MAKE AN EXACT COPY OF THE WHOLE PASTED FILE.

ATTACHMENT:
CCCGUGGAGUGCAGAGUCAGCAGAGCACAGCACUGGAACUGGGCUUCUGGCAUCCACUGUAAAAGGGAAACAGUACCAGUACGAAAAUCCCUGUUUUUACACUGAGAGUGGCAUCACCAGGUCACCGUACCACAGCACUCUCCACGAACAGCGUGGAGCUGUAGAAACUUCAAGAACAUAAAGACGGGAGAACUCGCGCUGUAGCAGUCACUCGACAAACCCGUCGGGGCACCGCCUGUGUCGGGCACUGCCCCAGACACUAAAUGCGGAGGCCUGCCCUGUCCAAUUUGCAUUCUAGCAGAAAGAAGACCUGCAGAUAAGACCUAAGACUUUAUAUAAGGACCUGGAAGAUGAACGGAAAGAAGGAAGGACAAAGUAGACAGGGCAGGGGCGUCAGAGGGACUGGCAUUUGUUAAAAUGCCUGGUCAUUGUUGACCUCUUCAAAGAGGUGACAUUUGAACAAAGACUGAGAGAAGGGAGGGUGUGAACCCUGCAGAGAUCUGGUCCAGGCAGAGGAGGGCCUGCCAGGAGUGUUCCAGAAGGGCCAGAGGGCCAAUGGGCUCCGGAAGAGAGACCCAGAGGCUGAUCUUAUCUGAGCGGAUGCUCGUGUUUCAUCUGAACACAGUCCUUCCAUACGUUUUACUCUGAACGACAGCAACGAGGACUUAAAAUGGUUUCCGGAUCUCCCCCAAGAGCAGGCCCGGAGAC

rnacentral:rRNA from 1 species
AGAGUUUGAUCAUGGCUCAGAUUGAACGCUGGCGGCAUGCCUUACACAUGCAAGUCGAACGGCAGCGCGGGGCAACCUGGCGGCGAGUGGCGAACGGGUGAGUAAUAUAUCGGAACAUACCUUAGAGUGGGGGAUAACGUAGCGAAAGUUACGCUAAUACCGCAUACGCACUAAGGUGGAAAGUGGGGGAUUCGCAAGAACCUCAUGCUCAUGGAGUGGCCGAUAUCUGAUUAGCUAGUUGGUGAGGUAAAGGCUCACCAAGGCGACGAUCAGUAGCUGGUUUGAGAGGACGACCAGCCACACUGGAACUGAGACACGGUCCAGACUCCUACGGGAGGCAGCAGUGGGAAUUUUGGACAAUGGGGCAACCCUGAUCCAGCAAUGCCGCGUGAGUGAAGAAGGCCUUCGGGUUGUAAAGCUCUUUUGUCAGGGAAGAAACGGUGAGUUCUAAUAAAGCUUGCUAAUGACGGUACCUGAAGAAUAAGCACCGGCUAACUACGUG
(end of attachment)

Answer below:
CCCGUGGAGUGCAGAGUCAGCAGAGCACAGCACUGGAACUGGGCUUCUGGCAUCCACUGUAAAAGGGAAACAGUACCAGUACGAAAAUCCCUGUUUUUACACUGAGAGUGGCAUCACCAGGUCACCGUACCACAGCACUCUCCACGAACAGCGUGGAGCUGUAGAAACUUCAAGAACAUAAAGACGGGAGAACUCGCGCUGUAGCAGUCACUCGACAAACCCGUCGGGGCACCGCCUGUGUCGGGCACUGCCCCAGACACUAAAUGCGGAGGCCUGCCCUGUCCAAUUUGCAUUCUAGCAGAAAGAAGACCUGCAGAUAAGACCUAAGACUUUAUAUAAGGACCUGGAAGAUGAACGGAAAGAAGGAAGGACAAAGUAGACAGGGCAGGGGCGUCAGAGGGACUGGCAUUUGUUAAAAUGCCUGGUCAUUGUUGACCUCUUCAAAGAGGUGACAUUUGAACAAAGACUGAGAGAAGGGAGGGUGUGAACCCUGCAGAGAUCUGGUCCAGGCAGAGGAGGGCCUGCCAGGAGUGUUCCAGAAGGGCCAGAGGGCCAAUGGGCUCCGGAAGAGAGACCCAGAGGCUGAUCUUAUCUGAGCGGAUGCUCGUGUUUCAUCUGAACACAGUCCUUCCAUACGUUUUACUCUGAACGACAGCAACGAGGACUUAAAAUGGUUUCCGGAUCUCCCCCAAGAGCAGGCCCGGAGAC

rnacentral:rRNA from 1 species
AGAGUUUGAUCAUGGCUCAGAUUGAACGCUGGCGGCAUGCCUUACACAUGCAAGUCGAACGGCAGCGCGGGGCAACCUGGCGGCGAGUGGCGAACGGGUGAGUAAUAUAUCGGAACAUACCUUAGAGUGGGGGAUAACGUAGCGAAAGUUACGCUAAUACCGCAUACGCACUAAGGUGGAAAGUGGGGGAUUCGCAAGAACCUCAUGCUCAUGGAGUGGCCGAUAUCUGAUUAGCUAGUUGGUGAGGUAAAGGCUCACCAAGGCGACGAUCAGUAGCUGGUUUGAGAGGACGACCAGCCACACUGGAACUGAGACACGGUCCAGACUCCUACGGGAGGCAGCAGUGGGAAUUUUGGACAAUGGGGCAACCCUGAUCCAGCAAUGCCGCGUGAGUGAAGAAGGCCUUCGGGUUGUAAAGCUCUUUUGUCAGGGAAGAAACGGUGAGUUCUAAUAAAGCUUGCUAAUGACGGUACCUGAAGAAUAAGCACCGGCUAACUACGUG